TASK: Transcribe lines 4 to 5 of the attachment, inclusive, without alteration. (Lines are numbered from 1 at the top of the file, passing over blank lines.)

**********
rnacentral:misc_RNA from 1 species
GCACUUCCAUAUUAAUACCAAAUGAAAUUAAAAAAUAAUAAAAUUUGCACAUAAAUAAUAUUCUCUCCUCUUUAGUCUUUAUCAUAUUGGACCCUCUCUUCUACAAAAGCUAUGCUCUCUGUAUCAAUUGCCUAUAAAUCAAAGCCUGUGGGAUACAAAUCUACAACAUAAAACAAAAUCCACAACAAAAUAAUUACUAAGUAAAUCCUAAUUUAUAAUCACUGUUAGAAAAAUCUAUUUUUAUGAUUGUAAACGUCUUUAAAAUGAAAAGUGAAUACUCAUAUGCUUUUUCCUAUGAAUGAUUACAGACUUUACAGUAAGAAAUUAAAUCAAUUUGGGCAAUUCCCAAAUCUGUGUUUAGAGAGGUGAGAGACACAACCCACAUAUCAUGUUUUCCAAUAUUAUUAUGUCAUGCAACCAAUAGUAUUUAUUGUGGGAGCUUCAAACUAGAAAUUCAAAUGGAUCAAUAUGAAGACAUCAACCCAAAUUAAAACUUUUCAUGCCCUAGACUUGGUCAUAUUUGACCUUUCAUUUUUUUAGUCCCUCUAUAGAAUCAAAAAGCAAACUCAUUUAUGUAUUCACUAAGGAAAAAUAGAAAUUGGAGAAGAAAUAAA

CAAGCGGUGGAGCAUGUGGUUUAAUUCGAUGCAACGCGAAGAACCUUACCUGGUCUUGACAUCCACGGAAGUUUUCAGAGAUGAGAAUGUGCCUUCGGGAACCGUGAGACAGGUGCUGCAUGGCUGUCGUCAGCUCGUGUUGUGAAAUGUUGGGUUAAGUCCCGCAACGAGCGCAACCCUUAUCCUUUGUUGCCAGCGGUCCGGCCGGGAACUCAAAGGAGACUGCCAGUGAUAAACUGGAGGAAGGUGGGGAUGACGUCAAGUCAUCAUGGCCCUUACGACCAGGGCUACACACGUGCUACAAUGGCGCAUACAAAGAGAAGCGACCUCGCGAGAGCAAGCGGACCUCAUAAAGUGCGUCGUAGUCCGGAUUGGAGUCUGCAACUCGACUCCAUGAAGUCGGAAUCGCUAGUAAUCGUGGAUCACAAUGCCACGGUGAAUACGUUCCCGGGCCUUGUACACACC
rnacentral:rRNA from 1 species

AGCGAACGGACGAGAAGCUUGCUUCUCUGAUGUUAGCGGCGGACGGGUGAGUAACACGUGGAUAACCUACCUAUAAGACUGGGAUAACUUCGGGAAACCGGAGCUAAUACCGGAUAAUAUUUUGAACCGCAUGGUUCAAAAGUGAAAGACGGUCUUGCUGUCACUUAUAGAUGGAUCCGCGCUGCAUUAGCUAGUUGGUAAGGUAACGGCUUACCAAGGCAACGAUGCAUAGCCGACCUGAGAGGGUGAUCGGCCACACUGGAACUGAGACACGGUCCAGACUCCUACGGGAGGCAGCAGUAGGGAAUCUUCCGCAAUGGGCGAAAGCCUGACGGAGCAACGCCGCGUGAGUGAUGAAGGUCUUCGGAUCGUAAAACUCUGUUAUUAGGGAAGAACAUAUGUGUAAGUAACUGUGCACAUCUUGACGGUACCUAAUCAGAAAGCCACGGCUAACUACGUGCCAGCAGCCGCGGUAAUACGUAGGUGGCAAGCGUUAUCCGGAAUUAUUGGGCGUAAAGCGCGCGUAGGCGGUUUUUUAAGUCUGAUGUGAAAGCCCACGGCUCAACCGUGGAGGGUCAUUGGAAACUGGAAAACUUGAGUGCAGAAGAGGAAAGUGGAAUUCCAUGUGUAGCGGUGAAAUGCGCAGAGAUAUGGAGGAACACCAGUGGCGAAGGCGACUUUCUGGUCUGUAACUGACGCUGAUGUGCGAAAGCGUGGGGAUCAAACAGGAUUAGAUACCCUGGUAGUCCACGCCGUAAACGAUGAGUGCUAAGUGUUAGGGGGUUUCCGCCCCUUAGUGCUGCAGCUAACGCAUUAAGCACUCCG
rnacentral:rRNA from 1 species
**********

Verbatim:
rnacentral:rRNA from 1 species

AGCGAACGGACGAGAAGCUUGCUUCUCUGAUGUUAGCGGCGGACGGGUGAGUAACACGUGGAUAACCUACCUAUAAGACUGGGAUAACUUCGGGAAACCGGAGCUAAUACCGGAUAAUAUUUUGAACCGCAUGGUUCAAAAGUGAAAGACGGUCUUGCUGUCACUUAUAGAUGGAUCCGCGCUGCAUUAGCUAGUUGGUAAGGUAACGGCUUACCAAGGCAACGAUGCAUAGCCGACCUGAGAGGGUGAUCGGCCACACUGGAACUGAGACACGGUCCAGACUCCUACGGGAGGCAGCAGUAGGGAAUCUUCCGCAAUGGGCGAAAGCCUGACGGAGCAACGCCGCGUGAGUGAUGAAGGUCUUCGGAUCGUAAAACUCUGUUAUUAGGGAAGAACAUAUGUGUAAGUAACUGUGCACAUCUUGACGGUACCUAAUCAGAAAGCCACGGCUAACUACGUGCCAGCAGCCGCGGUAAUACGUAGGUGGCAAGCGUUAUCCGGAAUUAUUGGGCGUAAAGCGCGCGUAGGCGGUUUUUUAAGUCUGAUGUGAAAGCCCACGGCUCAACCGUGGAGGGUCAUUGGAAACUGGAAAACUUGAGUGCAGAAGAGGAAAGUGGAAUUCCAUGUGUAGCGGUGAAAUGCGCAGAGAUAUGGAGGAACACCAGUGGCGAAGGCGACUUUCUGGUCUGUAACUGACGCUGAUGUGCGAAAGCGUGGGGAUCAAACAGGAUUAGAUACCCUGGUAGUCCACGCCGUAAACGAUGAGUGCUAAGUGUUAGGGGGUUUCCGCCCCUUAGUGCUGCAGCUAACGCAUUAAGCACUCCG